When I was a kid, I was never hungry. Crowds of adults danced around me, trying to tempt me into eating something. But I hated all food, even the kind kids usually love. I remember being constantly nauseous throughout my childhood because I couldn’t stand the look and smell of food.
And then I traveled to the UK at the age of 14. The climate is different in the UK, and people have different metabolism. Portions are minuscule compared to what we consider to be a normal portion in Ukraine. So for the first time ever, I experienced hunger. And it never went away since then.
After the gallbladder removal last week, the doctor came to see me.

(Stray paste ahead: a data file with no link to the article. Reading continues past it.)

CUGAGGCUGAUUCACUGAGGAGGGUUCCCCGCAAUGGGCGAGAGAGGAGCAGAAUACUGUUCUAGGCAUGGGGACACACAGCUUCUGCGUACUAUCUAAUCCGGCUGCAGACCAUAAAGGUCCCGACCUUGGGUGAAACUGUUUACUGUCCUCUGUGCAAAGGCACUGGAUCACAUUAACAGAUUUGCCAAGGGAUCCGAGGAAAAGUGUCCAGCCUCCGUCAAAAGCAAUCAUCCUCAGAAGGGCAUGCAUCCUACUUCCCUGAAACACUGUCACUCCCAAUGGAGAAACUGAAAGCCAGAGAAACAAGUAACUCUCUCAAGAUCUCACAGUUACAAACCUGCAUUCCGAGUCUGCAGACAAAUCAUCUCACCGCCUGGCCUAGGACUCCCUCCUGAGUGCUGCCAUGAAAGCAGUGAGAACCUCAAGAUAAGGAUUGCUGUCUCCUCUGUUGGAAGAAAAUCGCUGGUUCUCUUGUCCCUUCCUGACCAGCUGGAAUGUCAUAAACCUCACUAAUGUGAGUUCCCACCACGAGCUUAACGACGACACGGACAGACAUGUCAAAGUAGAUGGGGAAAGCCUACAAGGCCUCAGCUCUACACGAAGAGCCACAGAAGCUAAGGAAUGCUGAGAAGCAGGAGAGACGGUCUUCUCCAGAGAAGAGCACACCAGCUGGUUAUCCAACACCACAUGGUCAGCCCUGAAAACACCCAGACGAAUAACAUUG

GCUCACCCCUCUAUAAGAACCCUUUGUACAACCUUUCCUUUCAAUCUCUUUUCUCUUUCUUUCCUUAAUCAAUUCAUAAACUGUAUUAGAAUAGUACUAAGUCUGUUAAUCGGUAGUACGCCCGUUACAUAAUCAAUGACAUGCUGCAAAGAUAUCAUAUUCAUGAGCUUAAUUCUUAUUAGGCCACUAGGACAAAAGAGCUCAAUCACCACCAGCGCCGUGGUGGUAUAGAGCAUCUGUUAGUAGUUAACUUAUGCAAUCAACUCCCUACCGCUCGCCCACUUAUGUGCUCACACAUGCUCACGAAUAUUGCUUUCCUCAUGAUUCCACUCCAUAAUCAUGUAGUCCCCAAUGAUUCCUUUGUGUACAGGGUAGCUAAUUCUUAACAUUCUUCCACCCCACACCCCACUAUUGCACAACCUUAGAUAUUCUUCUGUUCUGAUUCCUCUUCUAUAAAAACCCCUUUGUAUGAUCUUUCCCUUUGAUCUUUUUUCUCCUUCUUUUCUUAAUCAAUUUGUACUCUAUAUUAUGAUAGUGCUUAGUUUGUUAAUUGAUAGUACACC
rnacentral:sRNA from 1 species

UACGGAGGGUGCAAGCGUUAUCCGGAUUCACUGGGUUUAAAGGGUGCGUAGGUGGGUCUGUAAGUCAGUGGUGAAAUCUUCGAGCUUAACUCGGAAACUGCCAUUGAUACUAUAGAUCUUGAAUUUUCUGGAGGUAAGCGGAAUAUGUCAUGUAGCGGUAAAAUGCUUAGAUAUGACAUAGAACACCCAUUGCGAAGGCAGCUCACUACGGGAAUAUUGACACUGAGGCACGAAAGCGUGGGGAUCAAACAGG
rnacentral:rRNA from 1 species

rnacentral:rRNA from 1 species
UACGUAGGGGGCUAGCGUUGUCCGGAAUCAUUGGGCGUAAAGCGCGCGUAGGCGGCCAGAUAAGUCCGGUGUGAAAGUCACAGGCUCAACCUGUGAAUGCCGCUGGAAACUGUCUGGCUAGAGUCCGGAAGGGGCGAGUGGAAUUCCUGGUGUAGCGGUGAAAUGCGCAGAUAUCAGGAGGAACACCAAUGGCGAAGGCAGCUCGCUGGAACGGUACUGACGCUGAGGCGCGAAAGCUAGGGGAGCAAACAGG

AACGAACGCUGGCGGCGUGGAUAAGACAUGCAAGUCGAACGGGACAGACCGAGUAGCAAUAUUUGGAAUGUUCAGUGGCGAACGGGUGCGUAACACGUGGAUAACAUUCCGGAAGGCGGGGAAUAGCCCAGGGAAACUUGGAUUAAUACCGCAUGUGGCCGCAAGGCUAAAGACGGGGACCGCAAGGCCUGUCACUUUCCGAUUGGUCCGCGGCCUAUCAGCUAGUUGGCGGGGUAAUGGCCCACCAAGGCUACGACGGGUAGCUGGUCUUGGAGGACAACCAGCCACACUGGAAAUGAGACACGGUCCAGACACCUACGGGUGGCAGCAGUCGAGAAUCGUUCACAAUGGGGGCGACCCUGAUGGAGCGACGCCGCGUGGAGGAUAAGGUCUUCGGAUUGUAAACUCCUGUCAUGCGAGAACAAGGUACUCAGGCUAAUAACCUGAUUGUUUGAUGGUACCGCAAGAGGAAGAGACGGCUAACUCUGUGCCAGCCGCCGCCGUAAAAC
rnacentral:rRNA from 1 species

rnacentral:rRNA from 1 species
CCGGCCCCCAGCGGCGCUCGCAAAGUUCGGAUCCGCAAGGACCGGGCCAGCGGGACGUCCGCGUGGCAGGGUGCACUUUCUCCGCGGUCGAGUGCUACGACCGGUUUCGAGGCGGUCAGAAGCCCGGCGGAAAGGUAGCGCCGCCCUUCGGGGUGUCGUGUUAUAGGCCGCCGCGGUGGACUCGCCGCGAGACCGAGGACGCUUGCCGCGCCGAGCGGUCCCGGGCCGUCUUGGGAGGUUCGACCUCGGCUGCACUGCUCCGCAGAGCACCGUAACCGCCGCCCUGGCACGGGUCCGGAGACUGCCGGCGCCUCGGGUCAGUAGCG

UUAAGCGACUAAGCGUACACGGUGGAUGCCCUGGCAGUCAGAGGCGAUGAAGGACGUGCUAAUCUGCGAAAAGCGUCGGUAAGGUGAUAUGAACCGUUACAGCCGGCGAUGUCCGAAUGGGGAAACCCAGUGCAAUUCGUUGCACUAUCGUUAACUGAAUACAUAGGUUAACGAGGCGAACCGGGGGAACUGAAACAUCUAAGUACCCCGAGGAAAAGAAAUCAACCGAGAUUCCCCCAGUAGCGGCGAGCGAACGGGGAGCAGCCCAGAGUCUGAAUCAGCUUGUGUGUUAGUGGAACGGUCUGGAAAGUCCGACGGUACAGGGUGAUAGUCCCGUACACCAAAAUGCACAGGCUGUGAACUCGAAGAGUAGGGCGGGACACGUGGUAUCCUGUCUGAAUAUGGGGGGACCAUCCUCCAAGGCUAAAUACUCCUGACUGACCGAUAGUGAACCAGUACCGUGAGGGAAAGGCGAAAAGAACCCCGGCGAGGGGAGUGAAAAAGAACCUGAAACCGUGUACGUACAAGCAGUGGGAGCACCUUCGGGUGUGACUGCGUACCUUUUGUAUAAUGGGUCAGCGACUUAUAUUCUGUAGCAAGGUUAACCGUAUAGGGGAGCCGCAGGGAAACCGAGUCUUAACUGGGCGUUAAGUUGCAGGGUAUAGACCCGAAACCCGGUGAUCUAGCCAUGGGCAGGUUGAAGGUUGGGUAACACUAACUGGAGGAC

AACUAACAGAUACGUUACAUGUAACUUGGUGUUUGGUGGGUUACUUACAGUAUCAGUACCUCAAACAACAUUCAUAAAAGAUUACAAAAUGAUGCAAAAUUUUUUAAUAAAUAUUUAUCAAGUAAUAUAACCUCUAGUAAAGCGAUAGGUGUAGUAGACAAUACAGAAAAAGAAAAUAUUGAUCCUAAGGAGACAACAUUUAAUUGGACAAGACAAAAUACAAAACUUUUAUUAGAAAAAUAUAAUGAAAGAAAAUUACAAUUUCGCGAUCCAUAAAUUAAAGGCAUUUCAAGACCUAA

“Do you have any questions about the surgery or the recovery?” he asked.
“Yes!” I said. “When can I eat?”
“Erm. . . What?” the doctor asked, looking like this was an unusual question to hear. “Are you hungry? Erm. . . That’s a good sign, I guess.”
The only time in adulthood when I didn’t feel like eating anything was in the two days after giving birth to Klara. Other than that, it’s always mealtime for me.
I totally blame the small-portion, a-boiled-egg-is-dinner Brits.